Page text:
Jesse Costa / WBUR

Groundsman Buck Gee, who was a camper in the ’70s and a consultant in the’ 80s, said the magic of Camp Atwater is the freedom it gives black children. They try not to have too many rules in this camp because black children are being monitored everywhere else. And Gee says he remembers a time when children took canoes to an island in the lake and camped there.

“At night you’d hear them sing and go back over there [the lake] like Vikings, ”he said. “And man, you talk noise all night, loud! You wouldn’t sleep. “

Camp Atwater is considered “historically abnormal,” because of its longevity and purpose, said Leslie Paris, associate professor of history at the University of British Columbia. The camp is listed on the National Register of Historic Places. Paris said it played an important role in the Great Migration as black families moved from the south to the metropolitan areas in the north.

“It offered opportunities to escape the stresses of the cities and the racism of the city,” said Paris. “It highlights spaces that were safe and inviting.”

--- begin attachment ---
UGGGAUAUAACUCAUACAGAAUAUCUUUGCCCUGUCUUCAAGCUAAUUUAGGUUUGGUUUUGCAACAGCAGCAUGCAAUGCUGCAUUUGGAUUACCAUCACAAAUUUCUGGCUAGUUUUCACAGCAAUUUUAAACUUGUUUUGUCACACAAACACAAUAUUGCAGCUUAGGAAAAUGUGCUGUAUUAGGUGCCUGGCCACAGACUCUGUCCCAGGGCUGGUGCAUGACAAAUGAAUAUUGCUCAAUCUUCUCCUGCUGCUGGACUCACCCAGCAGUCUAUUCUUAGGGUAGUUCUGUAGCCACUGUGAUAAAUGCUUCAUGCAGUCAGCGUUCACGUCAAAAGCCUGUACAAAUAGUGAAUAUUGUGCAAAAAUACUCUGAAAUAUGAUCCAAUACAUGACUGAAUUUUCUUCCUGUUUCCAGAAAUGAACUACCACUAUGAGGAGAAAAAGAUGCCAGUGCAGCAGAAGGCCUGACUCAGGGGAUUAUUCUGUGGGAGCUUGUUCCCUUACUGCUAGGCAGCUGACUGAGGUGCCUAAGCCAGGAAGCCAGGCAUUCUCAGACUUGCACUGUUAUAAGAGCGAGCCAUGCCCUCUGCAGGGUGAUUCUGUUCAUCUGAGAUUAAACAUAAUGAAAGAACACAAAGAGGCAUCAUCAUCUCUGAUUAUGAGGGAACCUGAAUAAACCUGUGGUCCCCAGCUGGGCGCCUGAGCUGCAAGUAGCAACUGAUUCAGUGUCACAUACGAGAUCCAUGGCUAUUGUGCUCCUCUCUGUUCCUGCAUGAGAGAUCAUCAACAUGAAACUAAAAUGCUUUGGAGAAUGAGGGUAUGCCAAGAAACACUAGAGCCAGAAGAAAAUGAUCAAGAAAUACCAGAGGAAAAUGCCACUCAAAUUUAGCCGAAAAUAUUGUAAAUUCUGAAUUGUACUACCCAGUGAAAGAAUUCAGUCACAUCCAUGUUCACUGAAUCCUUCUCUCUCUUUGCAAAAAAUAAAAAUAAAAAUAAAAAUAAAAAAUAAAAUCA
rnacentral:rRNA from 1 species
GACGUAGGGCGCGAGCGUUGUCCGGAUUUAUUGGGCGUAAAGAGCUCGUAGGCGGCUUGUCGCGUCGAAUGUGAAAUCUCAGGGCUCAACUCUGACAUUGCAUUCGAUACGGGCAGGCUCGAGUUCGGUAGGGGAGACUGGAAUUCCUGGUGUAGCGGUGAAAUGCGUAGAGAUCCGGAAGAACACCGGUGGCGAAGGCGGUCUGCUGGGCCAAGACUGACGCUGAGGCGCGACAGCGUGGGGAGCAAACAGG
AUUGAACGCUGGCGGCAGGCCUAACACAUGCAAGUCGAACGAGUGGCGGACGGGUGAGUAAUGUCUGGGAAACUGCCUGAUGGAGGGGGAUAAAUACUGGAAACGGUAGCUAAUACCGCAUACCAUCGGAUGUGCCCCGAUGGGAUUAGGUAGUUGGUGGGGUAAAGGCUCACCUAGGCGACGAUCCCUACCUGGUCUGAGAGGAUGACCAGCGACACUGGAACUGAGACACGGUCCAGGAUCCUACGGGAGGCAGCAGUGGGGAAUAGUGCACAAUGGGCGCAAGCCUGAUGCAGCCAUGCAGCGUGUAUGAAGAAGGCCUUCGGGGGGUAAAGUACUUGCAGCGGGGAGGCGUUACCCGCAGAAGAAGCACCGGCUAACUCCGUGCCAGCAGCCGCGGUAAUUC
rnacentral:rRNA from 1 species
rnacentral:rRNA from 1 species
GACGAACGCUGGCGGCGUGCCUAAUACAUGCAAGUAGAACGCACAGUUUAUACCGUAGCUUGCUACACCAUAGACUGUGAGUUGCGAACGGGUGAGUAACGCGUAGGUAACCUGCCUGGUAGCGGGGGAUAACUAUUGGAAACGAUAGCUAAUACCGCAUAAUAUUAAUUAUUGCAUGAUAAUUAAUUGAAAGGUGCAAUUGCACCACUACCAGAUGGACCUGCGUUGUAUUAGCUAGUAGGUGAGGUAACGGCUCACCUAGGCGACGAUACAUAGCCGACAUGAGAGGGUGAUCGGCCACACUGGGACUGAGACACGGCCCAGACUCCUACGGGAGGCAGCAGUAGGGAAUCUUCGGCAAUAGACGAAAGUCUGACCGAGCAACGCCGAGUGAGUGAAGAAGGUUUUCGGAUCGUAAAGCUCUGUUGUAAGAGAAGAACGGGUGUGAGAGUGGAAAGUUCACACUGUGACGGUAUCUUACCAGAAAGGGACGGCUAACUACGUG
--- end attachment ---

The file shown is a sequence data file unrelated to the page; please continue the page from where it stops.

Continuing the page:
Paris, who studies and writes about summer camps, said the first American summer camps didn’t think about black children.

“The original child that the first camp proponents of the late 19th century envisioned was a white boy,” she said. “And their concern was about the boy’s masculinity, his future leadership, and sometimes his spirituality.”

Because Atwater was so unique, it attracted black children from all over the country, especially from wealthy families. Back then, Atwater also offered challenging activities such as fencing and ballet and lacrosse.